When a larva does develop itself into adulthood, which is quite likely considering the staggering numbers of these critters, it can become dangerous to your poultry. Mosquitoes are known to bite chickens, albeit less than they try to sting humans. Let’s zoom in on the dangers of mosquitoes towards chickens: Can they harm of kill them?
Can Mosquitoes Harm Chickens?
While chickens are known to repel some mosquito species, this does not mean that mosquitoes can’t bite or harm chickens at all. Mosquitoes will bite chickens regardless of their repellent scent, as not all mosquito species will rely solely on scent for finding their target. Bites will usually not harm chickens in small quantities.
To avoid chickens from getting stung, you can use similar anti-mosquito products that are used for humans (here is a selection I’ve tested to be very effective). And at the start of this article, I’ve also mentioned the existence of poultry protector spray, an effective organic repellent especially designed for our feathery friends.
Now, one can assume that the feathers of chickens protect them well enough from mosquitoes, or perhaps their dust baths are enough for them to stay free from getting stung? Not exactly, because mosquito bites work in a way that is known as ‘probing‘. That’s a difficult term for wiggling their snout into your skin, even moving through other objects. You can read more about probing in this blog post I’ve written.
Do Chickens Eat Ticks?
Chickens will not only eat mosquitoes or other flying insects, but they will also happily eat ticks. Chickens are bug eaters, so they are an effective natural way to reduce the tick population. Ticks aren’t particularly fast movers, so all a chicken really needs to do, is to forage and pick them up from the ground.
Despite the chicken’s appetite for ticks, it is also abundantly clear that they will not be sufficient in removing a tick population completely. Their pecking might reduce the overall tick population somewhat, making them less of a nuisance in your yard. However, ticks can also simply jump back into your garden from your neighbor’s soil.
Speaking of the appetite of your feathery dinosaur-descendant friends, there is a whole range of other insects that they also enjoy gobbling up. Let’s focus on one last group of insects before wrapping this story up: Chickens versus fleas.
Do Chickens Eat Fleas?
Chickens are omnivores that will eat any insect that can fit into their beaks. This includes mosquitoes, ticks but also fleas. All of these insect pests are great nutrition to chickens, who will happily eat them for you when foraging around your yard. Chickens help controlling fleas organically (without chemicals).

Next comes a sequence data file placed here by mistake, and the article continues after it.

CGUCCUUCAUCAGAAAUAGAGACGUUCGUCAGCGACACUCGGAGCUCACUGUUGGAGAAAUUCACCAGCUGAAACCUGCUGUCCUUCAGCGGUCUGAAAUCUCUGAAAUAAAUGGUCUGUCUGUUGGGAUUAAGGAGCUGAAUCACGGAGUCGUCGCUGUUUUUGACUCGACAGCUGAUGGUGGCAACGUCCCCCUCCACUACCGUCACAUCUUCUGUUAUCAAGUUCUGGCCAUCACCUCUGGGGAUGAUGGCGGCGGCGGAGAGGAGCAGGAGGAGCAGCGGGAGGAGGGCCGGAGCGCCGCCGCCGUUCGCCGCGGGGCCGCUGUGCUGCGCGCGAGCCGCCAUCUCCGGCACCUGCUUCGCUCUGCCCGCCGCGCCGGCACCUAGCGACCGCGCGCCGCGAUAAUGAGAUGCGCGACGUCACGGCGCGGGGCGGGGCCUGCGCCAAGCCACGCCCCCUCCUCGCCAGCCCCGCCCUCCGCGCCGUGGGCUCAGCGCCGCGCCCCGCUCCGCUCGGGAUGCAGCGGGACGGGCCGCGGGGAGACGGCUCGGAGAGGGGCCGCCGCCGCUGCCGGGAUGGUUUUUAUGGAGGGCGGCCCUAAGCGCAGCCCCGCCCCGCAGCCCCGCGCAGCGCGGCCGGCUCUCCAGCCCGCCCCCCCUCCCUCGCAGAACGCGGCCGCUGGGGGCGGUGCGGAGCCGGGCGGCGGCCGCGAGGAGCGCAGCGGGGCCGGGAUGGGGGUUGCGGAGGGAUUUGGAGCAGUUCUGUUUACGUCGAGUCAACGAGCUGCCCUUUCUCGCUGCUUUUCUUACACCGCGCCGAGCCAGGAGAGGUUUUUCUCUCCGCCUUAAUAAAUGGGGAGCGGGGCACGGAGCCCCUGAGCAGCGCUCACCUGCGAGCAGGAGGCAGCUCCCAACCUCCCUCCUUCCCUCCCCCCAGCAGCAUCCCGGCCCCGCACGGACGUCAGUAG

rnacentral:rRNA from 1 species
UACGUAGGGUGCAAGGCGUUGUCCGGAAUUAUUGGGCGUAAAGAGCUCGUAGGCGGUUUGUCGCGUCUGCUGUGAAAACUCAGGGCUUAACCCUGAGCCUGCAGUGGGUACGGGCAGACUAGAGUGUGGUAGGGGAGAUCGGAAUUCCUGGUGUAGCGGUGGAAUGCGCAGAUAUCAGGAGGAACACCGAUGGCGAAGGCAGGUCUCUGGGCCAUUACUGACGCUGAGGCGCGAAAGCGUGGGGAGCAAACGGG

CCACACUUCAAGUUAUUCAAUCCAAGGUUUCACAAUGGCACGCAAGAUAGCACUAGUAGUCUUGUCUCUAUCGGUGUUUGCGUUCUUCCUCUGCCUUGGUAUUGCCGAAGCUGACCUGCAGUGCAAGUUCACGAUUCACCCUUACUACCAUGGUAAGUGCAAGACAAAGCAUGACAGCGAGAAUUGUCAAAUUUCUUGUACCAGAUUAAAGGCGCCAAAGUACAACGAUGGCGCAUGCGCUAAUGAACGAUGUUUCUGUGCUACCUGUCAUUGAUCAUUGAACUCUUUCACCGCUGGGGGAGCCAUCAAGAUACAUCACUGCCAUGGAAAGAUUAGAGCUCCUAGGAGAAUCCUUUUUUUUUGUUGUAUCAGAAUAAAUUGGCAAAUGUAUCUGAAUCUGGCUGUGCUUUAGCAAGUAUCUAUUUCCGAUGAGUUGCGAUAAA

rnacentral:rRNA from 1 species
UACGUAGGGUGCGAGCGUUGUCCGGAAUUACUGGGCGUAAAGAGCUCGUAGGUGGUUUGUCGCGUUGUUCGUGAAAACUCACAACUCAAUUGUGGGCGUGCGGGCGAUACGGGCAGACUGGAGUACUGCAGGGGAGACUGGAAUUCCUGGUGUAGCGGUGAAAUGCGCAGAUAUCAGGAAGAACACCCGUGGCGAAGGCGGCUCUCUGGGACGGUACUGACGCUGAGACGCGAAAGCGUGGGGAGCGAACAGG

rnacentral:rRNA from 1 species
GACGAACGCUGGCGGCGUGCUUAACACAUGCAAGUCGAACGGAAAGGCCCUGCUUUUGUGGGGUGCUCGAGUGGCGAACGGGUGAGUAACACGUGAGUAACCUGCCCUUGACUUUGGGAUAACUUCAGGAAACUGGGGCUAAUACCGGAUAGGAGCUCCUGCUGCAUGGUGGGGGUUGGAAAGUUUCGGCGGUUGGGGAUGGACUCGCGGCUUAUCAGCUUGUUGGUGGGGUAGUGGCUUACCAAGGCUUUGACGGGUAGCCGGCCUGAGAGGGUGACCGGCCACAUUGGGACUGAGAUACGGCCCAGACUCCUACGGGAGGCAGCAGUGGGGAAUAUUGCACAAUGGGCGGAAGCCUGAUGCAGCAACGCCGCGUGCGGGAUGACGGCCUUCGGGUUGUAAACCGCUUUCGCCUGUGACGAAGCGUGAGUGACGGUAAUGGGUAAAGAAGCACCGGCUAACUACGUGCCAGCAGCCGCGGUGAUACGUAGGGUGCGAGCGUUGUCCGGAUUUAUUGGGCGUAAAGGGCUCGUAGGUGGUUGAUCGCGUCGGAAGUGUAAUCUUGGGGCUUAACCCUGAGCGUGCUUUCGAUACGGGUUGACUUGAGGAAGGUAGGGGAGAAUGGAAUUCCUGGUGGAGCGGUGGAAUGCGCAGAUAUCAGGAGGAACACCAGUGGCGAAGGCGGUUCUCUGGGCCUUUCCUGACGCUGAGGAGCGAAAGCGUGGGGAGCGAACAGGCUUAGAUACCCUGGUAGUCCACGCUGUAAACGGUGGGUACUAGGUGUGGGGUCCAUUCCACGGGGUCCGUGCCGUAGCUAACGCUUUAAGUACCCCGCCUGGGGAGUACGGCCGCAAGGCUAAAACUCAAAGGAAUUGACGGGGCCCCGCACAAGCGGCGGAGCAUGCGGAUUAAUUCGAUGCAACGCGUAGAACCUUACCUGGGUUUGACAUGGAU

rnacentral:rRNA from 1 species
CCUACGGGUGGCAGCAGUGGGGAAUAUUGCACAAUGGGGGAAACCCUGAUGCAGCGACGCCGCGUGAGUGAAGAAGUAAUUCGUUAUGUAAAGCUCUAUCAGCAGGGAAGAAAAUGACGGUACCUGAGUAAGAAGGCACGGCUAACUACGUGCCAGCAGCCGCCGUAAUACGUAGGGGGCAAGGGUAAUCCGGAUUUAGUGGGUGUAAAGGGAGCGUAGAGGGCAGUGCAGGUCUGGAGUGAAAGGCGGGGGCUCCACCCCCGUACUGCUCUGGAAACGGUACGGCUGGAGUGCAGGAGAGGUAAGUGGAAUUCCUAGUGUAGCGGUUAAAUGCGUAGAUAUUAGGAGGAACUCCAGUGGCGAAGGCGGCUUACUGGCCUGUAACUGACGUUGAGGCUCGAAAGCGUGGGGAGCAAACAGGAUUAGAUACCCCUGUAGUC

Just like with mosquitoes, the symbiosis between fleas and chickens is interesting. Chickens will eat fleas, but fleas will also try to bite chickens for their blood. This can make fleas dangerous to chickens as well. Here’s a good solution to remove possible flea bites from a chicken:
- Remove all floor litter, roosts and nesting material;
- Dispose of fleas by burning litter (and replace the roosts with clean roosts);
- Mix a solution of 4 tablespoons of 55% malathion spray to 1 gallon of water;
- Pour the solution into a squirt bottle, spray the flea.
Verdict: The Chicken Wins
Let’s summarize this whole thing with one final verdict: Chickens are freaking badasses. They eat all sorts of nasty bug pests, from mosquitoes all the way to ticks and fleas. And those are just the more common insects. There’s a whole range of flying, jumping and crawling beings that those little dinosaur birds like to shove into their faces.
I mean, just look at them, they are both adorable and scary, tenacious and productive. If you don’t have chickens yet, get some! You’ll no longer need to fetch eggs from the supermarket, nor do you need to use your alarm clock. The hen will wake you up when the sun comes up every morning, scoop up some insects for bonus breakfast, and proceed to chill out with his hens.
Okay, I admit, these birds might not be the most effective mosquito repellent out there, but they are all-around winners in my book. And for those few mosquitoes that do somehow come indoors (or those that invade your garden area) we always have these effective anti-mosquito solutions. That link (to the left) will bring you to my favorite mosquito repellents and bite treatments, tested and approved by me personally. They work on those moments your coop dwellers are asleep at night. Let’s get those insects and protect ourselves ánd our livestock!